Parousia is the return of Jesus Christ to end the current period of human history and existence on earth, and to open the new era of paradise here for some, and eternal torment, also here, for others. This “time” when Jesus will return has been given many names: the Day of the Lord, the Parousia, the end time, and the Second Coming of Christ. I might even call it the “Oops – Too Late” time for some.
Why do we have to wait for the Parousia? The Jewish people knew and trusted they would defeat their many enemies, but had to endure many plagues and tribulations before they were released by the Pharaoh, after the first “Passover.” Abraham and Sarah had to wait a very long time before Isaac was born: and ditto for Zachariah and his wife Elizabeth. I, for one, never joke about my wife and I being too old to get pregnant: God does have an awesome and surprissing sense of humor after all! Waiting is a necessary component of faith in God: it is a virtue called patience.
God has bequeathed to us paradise with Him. He just asks us to be prepared, by doing a few simple things. First, forget about the materialistic things of this world, and instead embrace the spiritual things of His kingdom. Secondly, use the resources available to you to help others in need. After all, as is written in today’s Gospel reading, “where your treasure is, there also will your heart be (Luke 12:34).”
“Gird your loins and light your lamps … ready to open immediately when he comes and knocks ….” I yelled out this phrase to my teenage children, and then almost fell out of my chair laughing after seeing their faces. I honestly believe they thought I went off the deep end! This phrase simply means to be dressed and ready to go, day or night; for when He comes, no one knows. I’ll go even further and say that the “dressed” part of this phrase is to be dressed in God’s graces and virtues; and the “light” is the illumination present in us (we call this “Sanctifying Grace”). This transfigured grace guides us in walking in the brightness of Jesus’ footsteps.
Peter asks if this parable is meant just for the Apostles, or for the large crowd that had gathered to listen to Jesus. Without answering Peter’s question, Jesus responds with yet another parable (I love Jesus’ style) about servants awaiting the return of their master.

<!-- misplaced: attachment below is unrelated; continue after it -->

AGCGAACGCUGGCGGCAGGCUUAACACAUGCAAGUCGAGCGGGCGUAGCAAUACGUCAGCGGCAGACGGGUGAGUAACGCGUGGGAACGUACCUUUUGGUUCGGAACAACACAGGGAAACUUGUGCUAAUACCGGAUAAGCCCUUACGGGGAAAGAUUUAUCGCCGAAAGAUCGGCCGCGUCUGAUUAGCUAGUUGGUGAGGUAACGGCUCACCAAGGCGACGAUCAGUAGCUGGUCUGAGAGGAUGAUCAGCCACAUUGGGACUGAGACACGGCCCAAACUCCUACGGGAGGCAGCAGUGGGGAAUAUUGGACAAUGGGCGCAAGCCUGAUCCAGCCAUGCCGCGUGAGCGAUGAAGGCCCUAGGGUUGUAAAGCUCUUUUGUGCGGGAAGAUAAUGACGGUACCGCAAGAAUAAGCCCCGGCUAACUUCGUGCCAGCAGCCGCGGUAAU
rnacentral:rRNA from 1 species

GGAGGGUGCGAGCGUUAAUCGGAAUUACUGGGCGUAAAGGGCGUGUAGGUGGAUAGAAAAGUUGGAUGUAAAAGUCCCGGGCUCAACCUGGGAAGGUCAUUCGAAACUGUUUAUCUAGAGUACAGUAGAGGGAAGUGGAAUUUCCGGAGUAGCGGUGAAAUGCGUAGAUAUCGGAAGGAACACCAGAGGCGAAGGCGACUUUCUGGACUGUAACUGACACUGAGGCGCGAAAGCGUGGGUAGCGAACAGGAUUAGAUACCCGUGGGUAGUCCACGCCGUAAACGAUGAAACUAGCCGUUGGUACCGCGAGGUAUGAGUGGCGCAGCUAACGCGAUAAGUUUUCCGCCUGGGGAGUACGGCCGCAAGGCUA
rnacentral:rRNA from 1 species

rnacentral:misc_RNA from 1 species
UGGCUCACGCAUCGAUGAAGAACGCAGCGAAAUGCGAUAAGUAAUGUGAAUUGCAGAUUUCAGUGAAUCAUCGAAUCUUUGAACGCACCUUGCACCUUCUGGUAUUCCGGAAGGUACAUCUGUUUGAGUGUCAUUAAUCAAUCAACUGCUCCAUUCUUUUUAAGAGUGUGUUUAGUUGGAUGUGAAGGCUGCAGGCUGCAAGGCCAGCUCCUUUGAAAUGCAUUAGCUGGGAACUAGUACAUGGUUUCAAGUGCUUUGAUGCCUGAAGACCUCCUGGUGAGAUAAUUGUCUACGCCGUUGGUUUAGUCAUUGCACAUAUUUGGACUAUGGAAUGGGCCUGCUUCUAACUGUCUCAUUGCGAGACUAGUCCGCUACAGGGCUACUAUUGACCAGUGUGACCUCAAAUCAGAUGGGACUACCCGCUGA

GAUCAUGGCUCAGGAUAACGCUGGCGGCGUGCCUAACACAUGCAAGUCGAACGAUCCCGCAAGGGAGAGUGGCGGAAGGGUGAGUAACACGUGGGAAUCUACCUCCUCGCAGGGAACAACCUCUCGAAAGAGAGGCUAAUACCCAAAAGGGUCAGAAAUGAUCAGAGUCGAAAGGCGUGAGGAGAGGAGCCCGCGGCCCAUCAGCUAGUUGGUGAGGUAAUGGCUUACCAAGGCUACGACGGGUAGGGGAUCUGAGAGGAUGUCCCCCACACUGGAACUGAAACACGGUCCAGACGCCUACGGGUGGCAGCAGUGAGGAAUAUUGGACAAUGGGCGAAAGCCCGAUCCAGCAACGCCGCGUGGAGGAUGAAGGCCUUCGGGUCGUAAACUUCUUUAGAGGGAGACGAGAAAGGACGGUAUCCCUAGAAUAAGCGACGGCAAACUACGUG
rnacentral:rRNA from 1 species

This new parable adds to the theme of vigilance and caution. It explains how to wait, and reminds us of the reward for the faithful follower at the heavenly banquet in paradise. If it was addressed to the Apostles, then it was addressed to the leadership of the “early” Catholic Church; and the “Church body” of today: the faithful individuals and community, in union with the Magisterium.
Those faithful followers and servants whom God finds observant will be sanctified on His return: the Parousia. God so dearly wants to oblige himself to us. He desires to have us recline at His table, and wishes to wait on us as He hosts the divine feast in heaven. I suspect God will be the perfectly gracious host, at a meal of a lifetime!
“My master is delayed in coming” is a statement that indicates that the early Christian expectation for the impending return of Jesus had undergone some modification. Luke warns his readers against depending on such a delay and acting irresponsibly, and may I say unwisely. A similar warning can found in Matthew 24:48-51: “But if that wicked servant says to himself, ‘My master is long delayed,’ and begins to beat his fellow servants, and eat and drink with drunkards, the servant’s master will come on an unexpected day and at an unknown hour and will punish him severely and assign him a place with the hypocrites, where there will be wailing and grinding of teeth.” Two warnings in the hand are better than one soul in hell! (Sorry, I couldn’t resist.)
Is this time of preparation and waiting going to be an easy wait? Hell NO! – Literally. Much will be required of the person entrusted with much, and still more will be demanded of the person entrusted with more. The “Peter Principle” states that “we rise to our highest level of incompetency.” The “Jesus Principle” states that we can rise to the highest level of sanctification and perfection.